This component is responsible for provisioning the consumer account in the system, which in fact is the essence of an onboarding workflow.

Set Password

This component prompts the consumer for a new password and sets it to his/her account.

Figure 3: Invitation Workflow in Prefinery – New Password Prompted

Figure 4: Just-In-Time Password Provisioning using Google Login in LinkedIn – New Password Prompted

It is also not uncommon to find applications on the Internet not requiring you to set up a password to access the system at all. For instance, Medium doesn’t support password-based sign-in; it only provides Magic Link sign-in and social log-in. Applications like Dropbox provide social sign-up without requiring users to set up a password in the onboarding workflow. Dropbox also provides, however, the option of creating a password post onboarding from the account settings section.

Enrolling a Two-factor Authentication (2FA) Channel

Onboarding workflows requiring a primary 2FA channel and allowing an optional secondary channel are very common throughout the internet. Consumers can choose a secondary channel via a self-service consumer portal.

Figure 5: Self-service Consumer Portal to enroll a mobile number as a Secondary 2FA Channel in

Mandating multiple 2FA channels for a consumer helps provide additional levels of assurance in authentication, given cases of stolen laptops, recycled mobile numbers, etc.

The order and placement of the components can depend on multiple factors. For example, self-registration workflows are usually open to the internet for any consumer to onboard. However, keeping it open leads to a potential automated bulk account creation attack, which can potentially also lead to a DDoS attack by exhausting server resources beyond the planned capacity. A possible countermeasure could be to enforce a 2FA channel enrollment to make sure that there is a legitimate consumer at the other end of the request.

Enrolling a Biometric Authentication Factor

Biometric authentication factors are probably the most difficult to steal and spoof among the factors that are widely adopted in the mass market today. Thanks to modern smartphone manufacturers, device-centric biometric authentication factors, such as Face ID and fingerprints, are rapidly gaining popularity.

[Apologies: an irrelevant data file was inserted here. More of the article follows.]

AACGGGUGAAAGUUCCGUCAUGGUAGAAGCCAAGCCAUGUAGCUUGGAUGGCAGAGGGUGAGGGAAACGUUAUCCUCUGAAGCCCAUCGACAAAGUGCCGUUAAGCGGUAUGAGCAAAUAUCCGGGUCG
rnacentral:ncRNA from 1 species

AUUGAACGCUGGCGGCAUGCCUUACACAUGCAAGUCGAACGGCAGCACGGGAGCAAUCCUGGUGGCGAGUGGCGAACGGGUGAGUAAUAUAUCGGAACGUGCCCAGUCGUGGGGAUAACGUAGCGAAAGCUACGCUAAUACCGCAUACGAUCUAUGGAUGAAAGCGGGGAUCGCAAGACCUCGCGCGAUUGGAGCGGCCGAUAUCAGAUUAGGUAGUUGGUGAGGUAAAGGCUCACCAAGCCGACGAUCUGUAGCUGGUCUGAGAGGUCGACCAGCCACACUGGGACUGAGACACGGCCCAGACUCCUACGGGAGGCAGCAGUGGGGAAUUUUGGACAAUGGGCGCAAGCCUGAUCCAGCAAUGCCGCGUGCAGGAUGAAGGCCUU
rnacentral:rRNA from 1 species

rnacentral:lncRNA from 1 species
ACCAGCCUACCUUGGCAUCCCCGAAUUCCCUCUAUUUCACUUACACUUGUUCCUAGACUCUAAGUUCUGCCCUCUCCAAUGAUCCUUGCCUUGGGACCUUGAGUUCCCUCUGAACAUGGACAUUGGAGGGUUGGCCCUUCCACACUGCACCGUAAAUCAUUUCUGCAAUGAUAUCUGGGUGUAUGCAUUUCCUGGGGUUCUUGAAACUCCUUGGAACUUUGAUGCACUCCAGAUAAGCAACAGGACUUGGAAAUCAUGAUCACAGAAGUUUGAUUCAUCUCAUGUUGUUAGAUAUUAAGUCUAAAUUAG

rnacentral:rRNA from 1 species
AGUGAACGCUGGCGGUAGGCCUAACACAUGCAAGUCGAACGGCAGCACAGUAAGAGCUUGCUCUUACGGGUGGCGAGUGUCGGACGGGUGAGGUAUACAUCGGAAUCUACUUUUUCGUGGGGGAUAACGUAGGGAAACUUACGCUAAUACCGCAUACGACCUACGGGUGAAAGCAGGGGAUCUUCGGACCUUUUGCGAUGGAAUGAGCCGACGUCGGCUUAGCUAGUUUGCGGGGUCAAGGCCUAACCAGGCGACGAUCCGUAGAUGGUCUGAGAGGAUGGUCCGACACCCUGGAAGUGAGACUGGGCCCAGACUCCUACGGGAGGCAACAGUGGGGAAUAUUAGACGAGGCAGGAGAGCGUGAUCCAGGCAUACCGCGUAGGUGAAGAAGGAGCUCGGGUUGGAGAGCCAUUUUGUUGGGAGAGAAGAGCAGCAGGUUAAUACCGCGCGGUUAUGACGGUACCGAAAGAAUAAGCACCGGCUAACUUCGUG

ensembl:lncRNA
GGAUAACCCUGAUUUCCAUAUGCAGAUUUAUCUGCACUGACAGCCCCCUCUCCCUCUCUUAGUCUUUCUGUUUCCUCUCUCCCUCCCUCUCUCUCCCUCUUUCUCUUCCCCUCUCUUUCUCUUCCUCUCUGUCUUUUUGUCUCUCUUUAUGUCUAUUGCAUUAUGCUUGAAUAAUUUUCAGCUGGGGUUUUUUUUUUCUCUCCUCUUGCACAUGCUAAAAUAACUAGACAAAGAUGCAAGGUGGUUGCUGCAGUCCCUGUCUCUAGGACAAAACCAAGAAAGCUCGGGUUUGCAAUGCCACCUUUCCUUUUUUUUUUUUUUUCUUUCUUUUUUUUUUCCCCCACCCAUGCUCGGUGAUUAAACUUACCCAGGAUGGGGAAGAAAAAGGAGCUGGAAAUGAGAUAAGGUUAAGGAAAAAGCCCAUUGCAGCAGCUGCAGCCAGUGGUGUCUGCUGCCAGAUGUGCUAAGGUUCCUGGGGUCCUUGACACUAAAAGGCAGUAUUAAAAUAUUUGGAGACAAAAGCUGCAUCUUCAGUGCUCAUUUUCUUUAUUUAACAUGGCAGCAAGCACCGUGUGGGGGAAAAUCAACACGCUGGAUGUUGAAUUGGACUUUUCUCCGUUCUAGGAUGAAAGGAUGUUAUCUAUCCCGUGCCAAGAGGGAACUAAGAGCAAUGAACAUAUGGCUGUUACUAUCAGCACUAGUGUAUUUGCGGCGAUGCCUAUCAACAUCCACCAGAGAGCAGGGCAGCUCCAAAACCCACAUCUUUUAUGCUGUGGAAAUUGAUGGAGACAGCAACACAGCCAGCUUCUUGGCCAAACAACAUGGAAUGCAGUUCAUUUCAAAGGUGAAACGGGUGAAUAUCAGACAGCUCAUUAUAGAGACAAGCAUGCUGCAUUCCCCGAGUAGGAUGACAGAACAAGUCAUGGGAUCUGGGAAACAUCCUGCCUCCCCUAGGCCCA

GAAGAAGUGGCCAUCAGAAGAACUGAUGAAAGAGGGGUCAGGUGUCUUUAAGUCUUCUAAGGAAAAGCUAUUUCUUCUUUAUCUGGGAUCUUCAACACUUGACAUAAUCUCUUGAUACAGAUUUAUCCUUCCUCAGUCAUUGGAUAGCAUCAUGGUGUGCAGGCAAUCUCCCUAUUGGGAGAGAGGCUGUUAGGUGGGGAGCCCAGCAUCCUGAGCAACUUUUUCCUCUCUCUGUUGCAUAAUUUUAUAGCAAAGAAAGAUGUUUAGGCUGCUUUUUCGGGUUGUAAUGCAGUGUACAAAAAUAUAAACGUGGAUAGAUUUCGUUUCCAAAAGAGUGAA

Figure 6: Enrolling a biometric authentication factor in a banking application

Account Lock/Unlock

This is a security component that is used in a workflow to block access to the system until a certain stage in the workflow is passed. One of the important security requirements for such a component is that the workflow stage must finish during the same transaction as its preceding component. This reduces the system’s vulnerability.

Custom Workflow Component

A custom workflow component is a capability usually provided by vendors to include custom logic into the onboarding workflows. This component can be generally used to call out to an external system such as a Restful service or an enterprise service bus or a business process/business rules engine.

Closing Thoughts

The post-pandemic world is not going to be what it was yesterday. We are witnessing dramatic shifts that are bringing everything online and making the internet more prominent in our lives. Digital transformation projects that were started as strategic initiatives have now rapidly accelerated. Effective and engaging consumer onboarding journeys are no longer just nice to have, they’re a key differentiator between you and your competitors. At the same time, fraudsters have become increasingly active and innovative. Customer Identity and Access Management helps you to accelerate digital transformation while ensuring cybersecurity and excellent consumer experiences.